Just a few weeks after she came under fire for how she handled a harassment and abuse complaint in her office, a CT congresswoman is speaking out.
Congresswoman Elizabeth Esty sat down with Channel 3 on Tuesday, where she said she's disappointed in herself regarding how she handled a complaint of harassment and abuse within her office.
Channel 3 was the first local media to interview her in Washington D.C. on Tuesday. See more of the interview on Channel 3 starting at 5 p.m.
Last month, Esty came under fire for how she handled a harassment and abuse complaint in her Washington DC office.
It all began with her former chief of staff, Tony Baker. Esty admitted that Baker became violent with a female staffer.
According to reports, Baker punched the staffer and left voicemails in which he threatened to kill her.
During the interview on Tuesday, Esty apologized to the victim and to her staff for how she handled things.
"I am so sorry to Anna. I never meant to hurt her. And to my staff, and people who have believed in me," Esty said on Tuesday.
Instead of suspending Baker, Esty let him stay on for three months and paid him a $5,000 severance. She also waived his government college loans.
"My focus was to get him away from Washington. Away from Anna, away from my staff, and frankly away from me," Esty said.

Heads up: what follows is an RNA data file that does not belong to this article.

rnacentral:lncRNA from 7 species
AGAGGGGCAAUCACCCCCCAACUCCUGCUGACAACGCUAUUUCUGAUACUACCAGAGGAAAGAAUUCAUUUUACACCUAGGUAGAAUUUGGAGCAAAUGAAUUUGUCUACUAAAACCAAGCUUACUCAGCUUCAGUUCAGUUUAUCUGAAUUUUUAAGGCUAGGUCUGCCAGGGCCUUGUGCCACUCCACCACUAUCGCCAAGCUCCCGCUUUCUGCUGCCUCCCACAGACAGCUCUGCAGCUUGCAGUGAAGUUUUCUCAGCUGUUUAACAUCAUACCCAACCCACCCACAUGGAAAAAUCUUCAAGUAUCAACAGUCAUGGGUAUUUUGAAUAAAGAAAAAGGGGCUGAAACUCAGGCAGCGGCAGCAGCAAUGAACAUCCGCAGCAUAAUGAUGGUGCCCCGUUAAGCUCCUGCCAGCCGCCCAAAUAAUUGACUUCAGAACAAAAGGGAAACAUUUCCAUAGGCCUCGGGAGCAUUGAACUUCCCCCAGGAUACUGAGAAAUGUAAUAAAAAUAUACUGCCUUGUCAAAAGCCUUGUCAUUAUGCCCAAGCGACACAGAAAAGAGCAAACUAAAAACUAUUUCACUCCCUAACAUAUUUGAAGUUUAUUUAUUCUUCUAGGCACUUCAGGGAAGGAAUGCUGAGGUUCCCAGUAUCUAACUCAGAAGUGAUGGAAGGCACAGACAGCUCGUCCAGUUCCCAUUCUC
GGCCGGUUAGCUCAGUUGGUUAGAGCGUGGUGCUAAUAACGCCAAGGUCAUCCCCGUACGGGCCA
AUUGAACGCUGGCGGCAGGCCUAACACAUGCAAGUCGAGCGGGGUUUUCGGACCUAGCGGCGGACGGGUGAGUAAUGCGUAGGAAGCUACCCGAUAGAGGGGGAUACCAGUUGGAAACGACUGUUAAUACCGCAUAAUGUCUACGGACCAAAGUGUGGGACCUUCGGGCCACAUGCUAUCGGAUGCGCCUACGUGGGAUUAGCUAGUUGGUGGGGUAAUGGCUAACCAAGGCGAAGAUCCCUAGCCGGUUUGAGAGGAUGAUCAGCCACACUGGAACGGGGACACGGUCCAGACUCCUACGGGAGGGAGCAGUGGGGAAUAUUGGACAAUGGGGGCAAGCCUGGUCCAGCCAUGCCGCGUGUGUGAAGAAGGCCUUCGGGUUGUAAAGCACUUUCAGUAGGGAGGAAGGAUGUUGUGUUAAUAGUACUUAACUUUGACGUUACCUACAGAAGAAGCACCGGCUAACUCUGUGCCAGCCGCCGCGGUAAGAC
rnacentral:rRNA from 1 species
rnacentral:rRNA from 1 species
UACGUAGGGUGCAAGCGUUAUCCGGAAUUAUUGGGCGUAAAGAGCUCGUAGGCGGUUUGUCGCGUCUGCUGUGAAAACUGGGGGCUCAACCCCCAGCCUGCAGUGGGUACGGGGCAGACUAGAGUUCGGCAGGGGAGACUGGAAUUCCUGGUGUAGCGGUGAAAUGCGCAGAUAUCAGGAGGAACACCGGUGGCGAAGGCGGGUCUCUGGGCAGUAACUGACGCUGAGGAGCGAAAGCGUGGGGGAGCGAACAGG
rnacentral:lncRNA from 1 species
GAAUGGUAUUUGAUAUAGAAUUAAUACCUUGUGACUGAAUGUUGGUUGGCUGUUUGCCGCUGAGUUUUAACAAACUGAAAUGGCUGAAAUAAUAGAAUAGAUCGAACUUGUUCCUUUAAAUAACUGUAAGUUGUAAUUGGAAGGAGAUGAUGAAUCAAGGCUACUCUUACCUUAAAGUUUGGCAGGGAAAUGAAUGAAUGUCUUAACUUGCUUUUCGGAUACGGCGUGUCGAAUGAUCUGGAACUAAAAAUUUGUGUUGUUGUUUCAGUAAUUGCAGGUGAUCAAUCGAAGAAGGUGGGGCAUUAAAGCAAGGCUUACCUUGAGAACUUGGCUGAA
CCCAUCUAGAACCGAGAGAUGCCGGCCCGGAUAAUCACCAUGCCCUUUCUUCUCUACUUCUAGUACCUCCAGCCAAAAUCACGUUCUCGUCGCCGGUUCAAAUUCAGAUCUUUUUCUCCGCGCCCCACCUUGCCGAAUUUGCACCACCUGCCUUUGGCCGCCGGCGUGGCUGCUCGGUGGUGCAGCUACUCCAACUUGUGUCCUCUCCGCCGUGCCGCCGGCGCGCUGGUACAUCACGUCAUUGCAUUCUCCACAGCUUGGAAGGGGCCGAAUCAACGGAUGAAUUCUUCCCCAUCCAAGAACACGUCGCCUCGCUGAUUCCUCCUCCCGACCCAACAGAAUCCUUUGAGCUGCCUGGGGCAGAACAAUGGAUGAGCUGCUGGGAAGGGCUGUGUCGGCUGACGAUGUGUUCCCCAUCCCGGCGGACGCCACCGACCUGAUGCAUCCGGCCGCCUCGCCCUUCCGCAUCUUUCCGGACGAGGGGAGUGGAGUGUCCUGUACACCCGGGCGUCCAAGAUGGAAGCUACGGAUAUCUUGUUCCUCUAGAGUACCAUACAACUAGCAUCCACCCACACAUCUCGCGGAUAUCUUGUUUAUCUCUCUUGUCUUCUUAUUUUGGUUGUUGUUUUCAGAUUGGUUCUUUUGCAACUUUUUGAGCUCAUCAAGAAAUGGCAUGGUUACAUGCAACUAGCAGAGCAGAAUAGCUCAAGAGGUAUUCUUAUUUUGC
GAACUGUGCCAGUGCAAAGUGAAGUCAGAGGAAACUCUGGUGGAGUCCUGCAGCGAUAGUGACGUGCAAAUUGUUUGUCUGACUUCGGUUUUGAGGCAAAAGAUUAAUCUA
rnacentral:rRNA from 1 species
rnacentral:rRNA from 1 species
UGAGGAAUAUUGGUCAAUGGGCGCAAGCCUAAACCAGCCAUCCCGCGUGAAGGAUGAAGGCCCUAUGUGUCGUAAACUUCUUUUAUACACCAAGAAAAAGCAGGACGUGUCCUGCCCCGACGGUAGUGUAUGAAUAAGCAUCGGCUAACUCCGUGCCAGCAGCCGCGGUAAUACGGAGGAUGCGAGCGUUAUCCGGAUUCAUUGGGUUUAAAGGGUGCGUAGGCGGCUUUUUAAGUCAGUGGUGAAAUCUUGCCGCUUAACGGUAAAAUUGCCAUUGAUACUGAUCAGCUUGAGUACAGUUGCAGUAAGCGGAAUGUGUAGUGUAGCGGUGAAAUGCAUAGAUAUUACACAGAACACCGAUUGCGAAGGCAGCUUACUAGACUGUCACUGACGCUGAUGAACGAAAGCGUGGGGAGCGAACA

She also wrote him a recommendation letter that may have helped him land a job with Ohio's location of the Sandy Hook Promise.
"I made a mistake. I made a mistake to give him any reference. I tried to reassure people he was going through alcohol and anger management counseling,” Esty continued, adding that he did fundraising for her, as that is part of what the chief of staff does.
During the interview on Tuesday, Esty said she has a daughter who is the same age as the victim.
When asked how she would have felt if it was her daughter in this situation, she said "I would feel terrible."
After the story came out, there were several calls for her resignation. However, Esty only said she will not seek re-election.
"I have determined that it is in the best interest of my constituents and my family to end my time in Congress at the end of this year," Esty said in a statement recently. "Too many women have been harmed by harassment in the workplace. In the terrible situation in my office, I could have and should have done better."
Mark Barden, whose son Daniel was killed at Sandy Hook, is now giving serious thought to running for Esty's congressional seat.
Another person who has lost loved ones to violence is also considering a run. Bill Petit, whose wife and daughters were killed in Cheshire, may leave his seat as a Republican state rep.
Some lawmakers have weighed in on Esty's announcement and said her decision to not seek re-election is the right one.
Others, however, feel it's not enough.
Esty now wants to push for better training and manuals on how to deal with these issues in Congress.
For Esty, it comes too late. The damage is done, and some feel she should have known better.
Channel 3 will have more on from Congresswoman Esty starting at 5 p.m.
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